His friendship with Princess Mary, Countess of Harewood, proved another important association and following the Second World War, developed into a close association with the Royal Family, particularly Queen Mary, Queen Elizabeth the Queen Mother, Prince Phillip, the Duke of Edinburgh, and Prince Charles, the Prince of Wales who admired and collected his paintings, and received many as gifts from the artist. Seago had also previously made the acquaintance of George VI during the war years on his expedition as unofficial war artist with Lieutenant-General Harold Alexander on the Italian campaign, years vital in formulating the parameters of his later style.
After the Second World War, with a new stability in both his private and professional lives, a coherent direction to Seago’s painting emerged as he channeled most of his creative talents into landscape painting. He developed numerous motifs synonymous with East Anglia, the broads, mudflats, barges, oaktrees, cattle, climatic and meteorological effects. A great traditionalist, he was interested in the natural and human history of East Anglia, its villages and farms, their owners. Seago’s paintings often denote an appreciation of the harmonious co-existence of man and nature, the vast and atmospheric landscapes glorifying the marvels of earth and sky, whilst man made constructions, windmills, churches and marshland farmhouses mark the existence of a human presence. Acutely aware of the impending redundancy and dereliction facing many of these edifices due to technological advance, these paintings were a tribute to their enduring charm and Seago’s own yearnings for the return to a simpler way of life.
His language of motifs was further developed during the 1950’s and 60’s on his numerous travels abroad at first aboard his ketch Endeavour, then his yacht Capricorn, to Northern France and Holland, and later by air to more remote destinations, which he called ‘far off painting grounds’. In 1956, an invitation from His Royal Highness Prince Philip the Duke of Edinburgh took him on board the Royal Yacht Britannia on its world tour across the Antarctic, the south Atlantic and West Africa, to record the landscapes of these unfamiliar places. At each destination Seago found inspiration in their ‘otherness’ in the strange and unusual light, the atmospheric effects and new environments, the sheer blue cliffs of the Antarctic glaciers, the stark monumental peaks of South Georgia, the majestic Gothic splendour of the Doges’ Palace in Venice, the tropically coloured crowds of the Gambia. Consequently, Seago adapted his artistic techniques to develop a new visual language to express this in his painting, continually modifying his palette, balancing light and dark and reconciling a multiplicity of shapes.
However it was to his beloved East Anglia he continually returned ‘Perhaps one has to be born and bred there for it to really get into ones blood. But it has a powerful hold on me, and whenever I go, I feel a longing to return there’ p 95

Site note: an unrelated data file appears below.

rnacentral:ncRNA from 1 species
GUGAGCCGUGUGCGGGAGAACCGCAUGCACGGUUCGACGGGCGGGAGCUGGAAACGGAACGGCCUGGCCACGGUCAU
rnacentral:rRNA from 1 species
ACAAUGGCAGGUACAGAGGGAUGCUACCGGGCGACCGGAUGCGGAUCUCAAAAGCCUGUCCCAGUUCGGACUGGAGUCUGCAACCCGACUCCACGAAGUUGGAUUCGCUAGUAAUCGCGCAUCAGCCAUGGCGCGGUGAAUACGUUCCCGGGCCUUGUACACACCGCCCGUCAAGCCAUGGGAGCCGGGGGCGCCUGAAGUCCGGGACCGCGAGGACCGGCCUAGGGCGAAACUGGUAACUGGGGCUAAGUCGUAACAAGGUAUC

Throughout his life Seago remained susceptible to nature’s manifold manifestations. He was intensely interested in the transformation of the landscape by the ‘in-between’ stages, sunrise, early morning, late afternoon, evening and dusk, by the rain, mist, fog, and snow, and by the seasons. He was fascinated with the sky, studying the ephemeral changes of its moods and movements, and the extremes of light created by the multi faceted cloud formations. Seago painted the Broads with an endless range of atmospheric effects, and an eclecticism of subject matter he found in this world of water and sky.
Commercially, the most important developments for the artist occurred in the post war years where he began important relationships in 1945 with P.&D.Colnaghi Galleries, London and in 1950 with the Laing Galleries, Toronto. Both galleries held regular successful exhibitions, as did the Kennedy Galleries in New York which held five important exhibitions between 1952 and 1961, and Everard Read in Johannesburg where his work was exhibited from 1968. The artist developed a strong and dedicated following throughout his career; the popularity of his paintings was the stuff of legend. Well dressed, eager purchasers would queue from 6.30am along Old Bond Street in anticipation of having the first pick of the 50 or so hitherto unseen paintings on offer. The lunacy gained momentum and numbered catalogues were then issued in order of ones arrival at the gallery. His paintings were also exhibited at the Royal Academy, other British exhibiting societies and the Paris Salon. He was elected RBA in 1946, ARWS in 1957 and RWS in 1959.
Seago was the epitome of artist as existentialist, refusing to conform to conventional social mores. His attitudes to life were also reflected in his art, choosing to ignore the dictates of contemporary critical wisdom about what was innovative, and avant-garde in art, preferring instead to follow his own convictions and paint only what was important to him. Painting was his raison d’etre. This all came to an end however whilst on a painting trip to Sardinia, when Edward Seago succumbed to the effects of a brain tumour. After months of illness, he died in London on 19 January 1974.